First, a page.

I am optimistic that we can get pretty close to that timeline. I am hedging my bets a little, I have a house rented in the Outer Banks end of June after school gets out. If we’re still under full Covid restrictions it should be relatively easy to enjoy the beach and the house anyway but I’m hoping to be able to eat a few meals out and be there to celebrate the end of this pandemic. I am planning a return to WDW in August which I know is still no sure thing. I am nervous the government is over promising a little on timelines, but if that’s based on Pfizer and Moderna alone it becomes even more likely if Oxford and JnJ come through as well. The start of the impact of the vaccine should begin even before full herd immunity is reached so even if we’re at 50% by May instead of 70% that could be enough to begin seeing a sharp decline in cases and maybe loosening of some covid restrictions.

I say go for it :)

I have the same hope regarding the timeline (re: Oxford/JNJ). I've barely left the house since this all began (logged less than 50 miles on my vehicle), but we did take a family trip back in September. Rented a cabin and picked up food at the grocery so we were able to spend the trip in the cabin and doing outdoor activities. Seems like renting houses/cabins has been the popular go-to within my group at work. Hope you are able to make both trips.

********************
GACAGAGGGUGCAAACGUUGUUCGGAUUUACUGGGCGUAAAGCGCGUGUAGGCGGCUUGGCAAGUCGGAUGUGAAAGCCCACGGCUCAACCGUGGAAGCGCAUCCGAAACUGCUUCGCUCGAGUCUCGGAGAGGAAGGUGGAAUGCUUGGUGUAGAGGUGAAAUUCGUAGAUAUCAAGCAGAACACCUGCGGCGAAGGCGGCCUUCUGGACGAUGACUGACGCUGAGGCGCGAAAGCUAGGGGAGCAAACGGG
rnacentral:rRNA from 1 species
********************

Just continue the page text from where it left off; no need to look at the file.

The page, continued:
PS - I think I've read every page of this thread and kudos to you, I think you are the only one who has been brave enough to stick it out while most of us just lurk now 🤣
 

Polkadotdress

Well-Known Member
We get it. You want this pandemic to end (like we all do) but you want others to bear the cost and inconvenience. Unfortunately, we're all in this together and we all need to do our part.

This so eloquently summarizes where we're at. Totally using this verbatim as some of my non-believing friends are still "keeping up a good fight" of misinformation on social media.
 

GoofGoof

Premium Member
I have the same hope regarding the timeline (re: Oxford/JNJ). I've barely left the house since this all began (logged less than 50 miles on my vehicle), but we did take a family trip back in September. Rented a cabin and picked up food at the grocery so we were able to spend the trip in the cabin and doing outdoor activities. Seems like renting houses/cabins has been the popular go-to within my group at work. Hope you are able to make both trips.

PS - I think I've read every page of this thread and kudos to you, I think you are the only one who has been brave enough to stick it out while most of us just lurk now 🤣
I enjoy hearing multiple points of view and how people look at various situations. The vaccine news is great across the board. Something we can all agree on for once. It’s realistic to now say we can see the light at the end of the tunnel. I just hope people can hold out a little longer and we don’t have too many people looking at this like a green light to do whatever they want. We’re at least still 6 months away from the majority of people having access to the vaccine.